• Get celebrity and athlete envy. Keeping up with the Jonses is bad enough, but definitely do not try to keep up with the Kardashians or other celebrities. It may seem cool to own a 200-foot yacht. It may seem practical that certain celebrities have an entourage, or to have a film crew following you around. It may seem cool owning castles in Europe. Owning an original Picasso painting sure sounds impressive. Having a big new private jet makes sense for a lot of people. Trying to dodge taxes might even sound appealing to misguided people. Now go add up the price tags of these things, plus the cool cars and houses and the rest of it. You can go broke real quick. Just ask people like Nicolas Cage, Wesley Snipes, MC Hammer, Evander Holyfield and many other famous people who had it all and ended up broke how they feel about things.
                      • Think that laws and decency standards no longer apply. It is true that the wealthier you get, the better attorneys and legal defense you can afford. That being said, living a reckless life without concerns about the laws of the land will not keep you from going to prison (or worse). Movies often glamorize scoundrels, but what good does it do you if you are incredibly wealthy and such a pariah that no one will associate with you? Remember, you don't get to take any of it with you.

                      Thanks so much for the great advice!  Thumbs Up

                      "Whatever the human mind can conceive and believe it can achieve."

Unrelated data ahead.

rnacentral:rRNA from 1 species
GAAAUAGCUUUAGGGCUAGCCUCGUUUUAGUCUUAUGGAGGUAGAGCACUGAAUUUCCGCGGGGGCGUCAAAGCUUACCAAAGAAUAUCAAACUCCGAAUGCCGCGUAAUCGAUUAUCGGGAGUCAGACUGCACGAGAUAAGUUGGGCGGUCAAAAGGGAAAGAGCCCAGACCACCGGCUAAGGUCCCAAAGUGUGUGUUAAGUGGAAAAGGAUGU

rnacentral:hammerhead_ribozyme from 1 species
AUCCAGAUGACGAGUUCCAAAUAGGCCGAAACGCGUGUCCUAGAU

Napoleon Hill, Author of "Think & Grow Rich"

                                                                                                                                                             

                        rdgrnr's avatar - walt
                        Way back up in them dadgum hills, son!
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                        Posted: August 28, 2013, 11:06 am - IP Logged

                        (13) Tell your ex-wife

                        Perish the thought.

                        Oh, the humanity...

                          helpmewin's avatar - dandy
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                          Posted: August 28, 2013, 11:07 am - IP Logged

                          Perish the thought.

                          Oh, the humanity...

                          Green laugh


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                            Posted: August 28, 2013, 1:17 pm - IP Logged

                            Perish the thought.

                            Oh, the humanity...

                            Thumbs Up